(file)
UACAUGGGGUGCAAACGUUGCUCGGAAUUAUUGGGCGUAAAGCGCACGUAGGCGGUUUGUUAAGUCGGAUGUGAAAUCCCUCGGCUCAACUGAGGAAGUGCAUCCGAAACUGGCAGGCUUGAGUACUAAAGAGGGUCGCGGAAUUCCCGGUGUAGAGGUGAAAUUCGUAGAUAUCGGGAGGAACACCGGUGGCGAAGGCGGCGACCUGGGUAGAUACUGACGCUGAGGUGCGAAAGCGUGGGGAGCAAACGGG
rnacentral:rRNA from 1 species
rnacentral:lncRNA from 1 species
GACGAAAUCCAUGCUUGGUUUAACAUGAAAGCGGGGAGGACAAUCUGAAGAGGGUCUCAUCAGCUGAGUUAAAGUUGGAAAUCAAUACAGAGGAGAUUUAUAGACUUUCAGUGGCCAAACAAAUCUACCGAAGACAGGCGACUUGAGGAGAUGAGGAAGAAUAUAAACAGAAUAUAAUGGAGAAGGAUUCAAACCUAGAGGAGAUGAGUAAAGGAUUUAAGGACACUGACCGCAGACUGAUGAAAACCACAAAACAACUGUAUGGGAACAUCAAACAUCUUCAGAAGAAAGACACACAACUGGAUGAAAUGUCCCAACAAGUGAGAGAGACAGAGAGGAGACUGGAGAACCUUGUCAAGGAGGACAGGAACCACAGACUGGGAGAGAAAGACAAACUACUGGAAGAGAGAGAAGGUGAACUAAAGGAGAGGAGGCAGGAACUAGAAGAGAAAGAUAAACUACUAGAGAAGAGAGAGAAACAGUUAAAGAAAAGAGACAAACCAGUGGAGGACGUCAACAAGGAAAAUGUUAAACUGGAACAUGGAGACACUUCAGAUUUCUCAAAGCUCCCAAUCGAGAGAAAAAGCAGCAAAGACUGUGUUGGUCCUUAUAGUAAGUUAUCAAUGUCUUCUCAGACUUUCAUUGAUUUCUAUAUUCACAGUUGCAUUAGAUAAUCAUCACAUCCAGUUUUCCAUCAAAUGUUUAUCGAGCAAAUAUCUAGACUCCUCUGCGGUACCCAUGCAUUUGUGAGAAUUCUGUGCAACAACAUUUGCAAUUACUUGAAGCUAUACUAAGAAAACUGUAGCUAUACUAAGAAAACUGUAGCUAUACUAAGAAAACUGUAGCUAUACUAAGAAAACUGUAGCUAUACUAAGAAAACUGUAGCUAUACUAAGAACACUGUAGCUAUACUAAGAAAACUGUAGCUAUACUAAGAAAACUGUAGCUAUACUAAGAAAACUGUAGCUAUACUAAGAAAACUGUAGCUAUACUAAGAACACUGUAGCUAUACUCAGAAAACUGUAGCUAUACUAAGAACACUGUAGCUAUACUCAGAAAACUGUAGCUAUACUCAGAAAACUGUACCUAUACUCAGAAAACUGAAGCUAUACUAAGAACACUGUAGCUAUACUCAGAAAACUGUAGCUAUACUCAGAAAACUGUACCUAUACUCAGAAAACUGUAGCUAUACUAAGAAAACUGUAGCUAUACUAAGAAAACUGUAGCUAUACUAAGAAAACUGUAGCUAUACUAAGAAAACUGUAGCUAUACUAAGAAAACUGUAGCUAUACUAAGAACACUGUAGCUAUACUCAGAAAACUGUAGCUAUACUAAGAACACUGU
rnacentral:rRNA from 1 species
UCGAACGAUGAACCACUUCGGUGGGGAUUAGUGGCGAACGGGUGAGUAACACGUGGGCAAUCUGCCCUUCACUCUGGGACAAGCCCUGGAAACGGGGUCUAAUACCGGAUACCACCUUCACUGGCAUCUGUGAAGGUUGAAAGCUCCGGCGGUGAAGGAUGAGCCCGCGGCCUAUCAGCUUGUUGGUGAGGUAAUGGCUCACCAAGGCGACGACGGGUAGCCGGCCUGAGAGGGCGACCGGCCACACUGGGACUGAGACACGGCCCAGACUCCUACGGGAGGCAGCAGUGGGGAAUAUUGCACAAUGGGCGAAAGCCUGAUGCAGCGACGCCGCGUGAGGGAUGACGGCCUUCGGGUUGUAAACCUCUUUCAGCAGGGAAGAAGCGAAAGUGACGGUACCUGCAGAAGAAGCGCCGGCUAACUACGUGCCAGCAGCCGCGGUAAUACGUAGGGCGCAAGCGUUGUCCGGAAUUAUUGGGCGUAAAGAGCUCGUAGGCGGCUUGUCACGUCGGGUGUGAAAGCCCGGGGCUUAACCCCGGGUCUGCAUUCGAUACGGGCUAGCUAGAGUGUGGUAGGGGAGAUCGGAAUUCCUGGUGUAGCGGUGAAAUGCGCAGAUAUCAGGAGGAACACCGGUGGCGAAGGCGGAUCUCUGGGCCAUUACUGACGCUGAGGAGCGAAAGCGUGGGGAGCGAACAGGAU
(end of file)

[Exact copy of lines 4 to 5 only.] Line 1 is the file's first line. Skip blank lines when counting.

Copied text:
GACGAAAUCCAUGCUUGGUUUAACAUGAAAGCGGGGAGGACAAUCUGAAGAGGGUCUCAUCAGCUGAGUUAAAGUUGGAAAUCAAUACAGAGGAGAUUUAUAGACUUUCAGUGGCCAAACAAAUCUACCGAAGACAGGCGACUUGAGGAGAUGAGGAAGAAUAUAAACAGAAUAUAAUGGAGAAGGAUUCAAACCUAGAGGAGAUGAGUAAAGGAUUUAAGGACACUGACCGCAGACUGAUGAAAACCACAAAACAACUGUAUGGGAACAUCAAACAUCUUCAGAAGAAAGACACACAACUGGAUGAAAUGUCCCAACAAGUGAGAGAGACAGAGAGGAGACUGGAGAACCUUGUCAAGGAGGACAGGAACCACAGACUGGGAGAGAAAGACAAACUACUGGAAGAGAGAGAAGGUGAACUAAAGGAGAGGAGGCAGGAACUAGAAGAGAAAGAUAAACUACUAGAGAAGAGAGAGAAACAGUUAAAGAAAAGAGACAAACCAGUGGAGGACGUCAACAAGGAAAAUGUUAAACUGGAACAUGGAGACACUUCAGAUUUCUCAAAGCUCCCAAUCGAGAGAAAAAGCAGCAAAGACUGUGUUGGUCCUUAUAGUAAGUUAUCAAUGUCUUCUCAGACUUUCAUUGAUUUCUAUAUUCACAGUUGCAUUAGAUAAUCAUCACAUCCAGUUUUCCAUCAAAUGUUUAUCGAGCAAAUAUCUAGACUCCUCUGCGGUACCCAUGCAUUUGUGAGAAUUCUGUGCAACAACAUUUGCAAUUACUUGAAGCUAUACUAAGAAAACUGUAGCUAUACUAAGAAAACUGUAGCUAUACUAAGAAAACUGUAGCUAUACUAAGAAAACUGUAGCUAUACUAAGAAAACUGUAGCUAUACUAAGAACACUGUAGCUAUACUAAGAAAACUGUAGCUAUACUAAGAAAACUGUAGCUAUACUAAGAAAACUGUAGCUAUACUAAGAAAACUGUAGCUAUACUAAGAACACUGUAGCUAUACUCAGAAAACUGUAGCUAUACUAAGAACACUGUAGCUAUACUCAGAAAACUGUAGCUAUACUCAGAAAACUGUACCUAUACUCAGAAAACUGAAGCUAUACUAAGAACACUGUAGCUAUACUCAGAAAACUGUAGCUAUACUCAGAAAACUGUACCUAUACUCAGAAAACUGUAGCUAUACUAAGAAAACUGUAGCUAUACUAAGAAAACUGUAGCUAUACUAAGAAAACUGUAGCUAUACUAAGAAAACUGUAGCUAUACUAAGAAAACUGUAGCUAUACUAAGAACACUGUAGCUAUACUCAGAAAACUGUAGCUAUACUAAGAACACUGU
rnacentral:rRNA from 1 species